I'm considering using the MPX4115 absolute pressure sensor for altitude, and the MPXV5004DP differential sensor for speed. These are both 5V parts, and my microcontroller is 3.3V. What would be the optimal way to connect these sensors to my uC's ADC inputs?

Would a voltage divider suffice? What if I were to put an RC filter on the output of the pressure sensors (as suggested in the application note (http://www.freescale.com/files/sensors/doc/app_note/AN1646.pdf) ? Should I buffer the output of the RC filter with an opamp, then use a resistor network to scale the voltage down to 3.3V? Or just put a resistor network immediately after the RC filter and tap the output to the ADC?

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Hi, MPXV5004DP zero pressure voltage is close to zero, so you can use it as is, assuming that you are not reaching speeds where sensor output voltage exceeds 3.3V. MPX4115 voltage, however, is close to VCC (5V), so I use resistor bridge to bring it down (I use 10k and 20k). I think that simpler is solution is better.
But, what if I were to use a simple RC filter on the output to clean up the signal? Can I use a simple voltage divider after the filter, or do I need to buffer it with an op amp first (as illustrated in the application note)?
Given that the RC world (servos and Rx) work at 5V, you might want to think about switching to a 5V microcontroller and running the whole board at 5V, like we do.
Hi, all my ADC inputs have low-pass RC filter in front of them. I used to use 10k resistor and 0.1uf capacitor, but will probably use 20k and 1uf for next board, as I find no reason for being aware of movements that are faster than servos can move. This 10k-20k bridge has capacitor as well, in parallel to 20k resistor. I'm not against using opamps, but any component tends to add noise and drifts with temperature, therefore I'd avoid them if its possibe to do without.

Why to run CPU on 3.3V
1. thermal resons. 5V dsPIC running close to half of its spec frequency gets noticeably warm.
2. interfaces with gps - EM-406 needs buffers when talking to PIC TTL serial port, its "high" voltage is not enough. With 3.3V PIC you can wire it directly
3. interface with RX - some modern RX'es output voltage high level is close to 2.7V, this will barely function with PIC CN inputs and will not funtion with IC inputs. But, it may be a good idea to have a buffer before RX anyway.
4. connection with SD-card - SD-cards run at 3.3V. If pic is also running on 3.3V then you can connect directly, otherwise you need to use buffers or resistor bridge.
5. Some gyros run at 3V, letting them talk to 5V adc will decrease prescision.
'Hi, MPXV5004DP zero pressure voltage is close to zero'
1V is close?
Only issue with interfacing 5v devices to 3.3v processors is where the 3.3v processor has to send data to the 5v device (e.g. with a UART interface). Otherwise, a simple resistor bridge as a voltage divider will scale your incoming voltages to the right range. Note that you can directly drive servos with 3.3v logic, even when the servo is powered at 5V. Also, most micro servos run fine from a 3.3v supply.
Hi, if I remember correctly, then airspeed is well over 100m/s before MPXV5004DP output reaches 3.3V. 100m/s is about 360km/h, so we should be safe until going over about 400km/h. F5 Open Aeroplane Electrical Motor Rechargeable Sources speed record is 420 km/h (or at least, was quite recently), we should be safe.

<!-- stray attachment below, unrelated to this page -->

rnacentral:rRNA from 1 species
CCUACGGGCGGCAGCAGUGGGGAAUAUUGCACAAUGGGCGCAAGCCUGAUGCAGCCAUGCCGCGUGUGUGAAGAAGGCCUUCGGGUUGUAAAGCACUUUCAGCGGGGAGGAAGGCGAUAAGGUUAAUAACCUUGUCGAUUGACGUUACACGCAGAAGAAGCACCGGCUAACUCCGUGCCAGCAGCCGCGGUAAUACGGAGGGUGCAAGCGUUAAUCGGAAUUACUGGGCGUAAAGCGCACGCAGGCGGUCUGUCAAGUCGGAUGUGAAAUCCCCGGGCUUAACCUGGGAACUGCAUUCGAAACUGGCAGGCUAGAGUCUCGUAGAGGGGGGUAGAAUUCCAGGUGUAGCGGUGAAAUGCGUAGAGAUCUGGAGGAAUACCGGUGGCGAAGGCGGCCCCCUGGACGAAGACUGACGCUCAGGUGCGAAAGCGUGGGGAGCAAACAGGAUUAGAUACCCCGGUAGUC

my both MPXV are 1V at stady state (0km/h), as confirmed in manual.
I think I've decided to use an instrumentation amplifier op-amp to interface the 5V pressure and differential pressure sensors to my 3.3V uC. I've been reading up on ADCs, precision measurements, etc ... and it seems that is the best way to go. Present the sensor with high impedance on one side, and a low impedance driver for the ADC on the other side.

* Additionally, I can adjust the gain of the op-amps as I please. For example, I would want to adjust the gain of the differential pressure sensor such that 0-100mph is full scale on the ADC. I can use a 3 or 3.3V zener diode to limit the voltage just in case.

* For the pressure sensor (altitude), since it's nominal reading is at the top end of the output range, I can use a difference amplifier to remove the DC-offset which is equivalent to the smallest output from it, and then amplify the left-over to some percentage of the ADC's full-scale input.

I believe taking the above measures would increase the quality and resolution of measurements.

Thoughts? Over-kill?
Hi, using opamps to zoom into interesting range of sensor output makes good use of them, I guess. You will get actual benefit from added complexity, so no overkill here imo. If I wouldn't be so lazy, then I would probably also shift&amplify interesting range of my mpx4115 output (currently it gives resolution of 2m per adc bit, I would not mind to get it down to 1m or even to 0.5m), but I would not bother with mpxv5004dp, its good as is with my 12-bit adc. I would not do anything with added bits.
you are correct, Krzysztof, mpxv5004dp offset is 1v. I did mean by saying that its close to zero that its, well, closer to zero than to vcc:-)
Well there's your approach, and the approach that thousands of other people take.

To start with 5V MCUs are not a viable solution. 5V MCUs also do consume more power at the same frequency than 3.3V MCUs. And this should be considered when developing an autonomous application. Not to mention that most 3.3V MCU usually do integrate more ROM/RAM/peripherals than 5V MCUs.

As shown in the following paper, interfacing 3.3V MCUs to 5V is simple, and it is commonly used:


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